Why would I have had such reactions to criticism?

Not having much knowledge of physiology or biology and only dabbling experience with psychology I answer that question this way:

  • When people criticized me, I experienced adrenalin spikes [or was that cortisol?]. I felt strong, churning, tightening sensations in the gut…quickly followed by combinations of anxiety and anger, often intense anger...then excessive negative thoughts and behaviour.
  • This reaction must have started when I was a very young child. I have no memory of reacting any other way to criticism [until the last decade, that is].
  • Perhaps, my criticism-repulsion was are due to genetics? Perhaps, my childhood environment? Perhaps, my early experiences with authority figures? I expect it was some combination of these things.

Here’s a curious thing. When you experience criticism-repulsion as a child you can be quite oblivious to other people. And, this can cause challenges…a large variety of interpersonal challenges. Left unattended, these interpersonal challenges can last a lifetime.

Here’s some good news. It is possible to gain self-understanding and create strategies to overcome the interpersonal challenges. The starting point, or at least one starting point, is recognition of the physiological changes that signal less-than-ideal reactions to criticism. People, perhaps most people, can alter their bad habits [including adrenalin spikes] if they choose to make the changes and do the work required.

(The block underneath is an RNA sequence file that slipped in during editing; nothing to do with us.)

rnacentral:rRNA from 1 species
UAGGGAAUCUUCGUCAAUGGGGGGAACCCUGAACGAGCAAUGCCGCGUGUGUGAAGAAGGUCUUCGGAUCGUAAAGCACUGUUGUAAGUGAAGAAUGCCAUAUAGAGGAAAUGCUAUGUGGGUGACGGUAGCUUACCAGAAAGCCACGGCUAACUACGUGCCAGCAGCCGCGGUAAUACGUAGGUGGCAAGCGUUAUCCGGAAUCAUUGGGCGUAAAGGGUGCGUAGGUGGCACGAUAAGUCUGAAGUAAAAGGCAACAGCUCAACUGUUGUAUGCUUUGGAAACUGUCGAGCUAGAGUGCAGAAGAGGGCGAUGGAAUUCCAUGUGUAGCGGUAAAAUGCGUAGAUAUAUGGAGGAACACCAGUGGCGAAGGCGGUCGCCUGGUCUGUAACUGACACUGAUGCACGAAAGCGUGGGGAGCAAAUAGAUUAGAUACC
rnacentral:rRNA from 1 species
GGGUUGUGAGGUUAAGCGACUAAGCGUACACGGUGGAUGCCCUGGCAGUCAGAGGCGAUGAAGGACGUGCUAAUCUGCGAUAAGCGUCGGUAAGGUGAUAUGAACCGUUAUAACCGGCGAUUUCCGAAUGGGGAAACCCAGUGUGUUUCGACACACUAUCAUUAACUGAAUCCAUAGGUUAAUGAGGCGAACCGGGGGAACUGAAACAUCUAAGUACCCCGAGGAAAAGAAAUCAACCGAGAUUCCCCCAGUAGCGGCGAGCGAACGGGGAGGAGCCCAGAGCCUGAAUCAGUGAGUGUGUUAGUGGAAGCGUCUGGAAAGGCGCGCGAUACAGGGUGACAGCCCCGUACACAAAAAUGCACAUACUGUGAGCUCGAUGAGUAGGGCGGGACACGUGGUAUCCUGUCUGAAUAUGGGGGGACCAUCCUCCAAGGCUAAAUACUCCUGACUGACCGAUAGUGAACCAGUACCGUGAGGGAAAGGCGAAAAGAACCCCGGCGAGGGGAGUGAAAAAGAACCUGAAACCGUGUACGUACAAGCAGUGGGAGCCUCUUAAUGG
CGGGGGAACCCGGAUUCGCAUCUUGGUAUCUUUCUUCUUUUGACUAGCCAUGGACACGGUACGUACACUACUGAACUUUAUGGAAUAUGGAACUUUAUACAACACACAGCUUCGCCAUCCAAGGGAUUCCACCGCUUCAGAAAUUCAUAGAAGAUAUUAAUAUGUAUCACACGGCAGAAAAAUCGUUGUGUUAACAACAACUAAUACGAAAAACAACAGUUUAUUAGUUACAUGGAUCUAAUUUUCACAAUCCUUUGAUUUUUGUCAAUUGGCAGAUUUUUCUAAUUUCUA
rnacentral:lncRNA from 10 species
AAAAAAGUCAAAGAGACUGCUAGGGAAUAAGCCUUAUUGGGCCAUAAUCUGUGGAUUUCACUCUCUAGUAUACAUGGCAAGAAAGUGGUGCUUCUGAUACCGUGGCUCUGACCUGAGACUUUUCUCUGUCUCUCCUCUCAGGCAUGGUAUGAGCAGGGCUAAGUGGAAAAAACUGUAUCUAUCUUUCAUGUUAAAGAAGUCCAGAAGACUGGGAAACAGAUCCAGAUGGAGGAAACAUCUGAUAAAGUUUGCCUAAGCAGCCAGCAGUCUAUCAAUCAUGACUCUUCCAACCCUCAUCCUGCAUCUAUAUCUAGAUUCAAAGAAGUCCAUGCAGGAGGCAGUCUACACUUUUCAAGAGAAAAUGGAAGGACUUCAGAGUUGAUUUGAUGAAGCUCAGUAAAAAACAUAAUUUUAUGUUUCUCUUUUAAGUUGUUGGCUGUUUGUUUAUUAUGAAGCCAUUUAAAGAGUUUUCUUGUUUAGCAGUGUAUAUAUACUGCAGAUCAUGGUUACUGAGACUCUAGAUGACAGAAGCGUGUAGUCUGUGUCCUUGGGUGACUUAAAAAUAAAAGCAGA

PS: Perhaps, the people who experience the criticism-repulsion I have described are most capable of identifying it in other people? ... and helping others?  

The power behind our reactions is far too important to be left to chance.

by Rick Baker
On May 15, 2017

The Thinking Behind The Tweet

Knee-jerk reactions catch our attention and we hold them in disfavour. Yet – what are we doing to make sure they don’t happen?

What are you doing to anticipate situations/circumstances and pre-plan the release of the power of your reactions?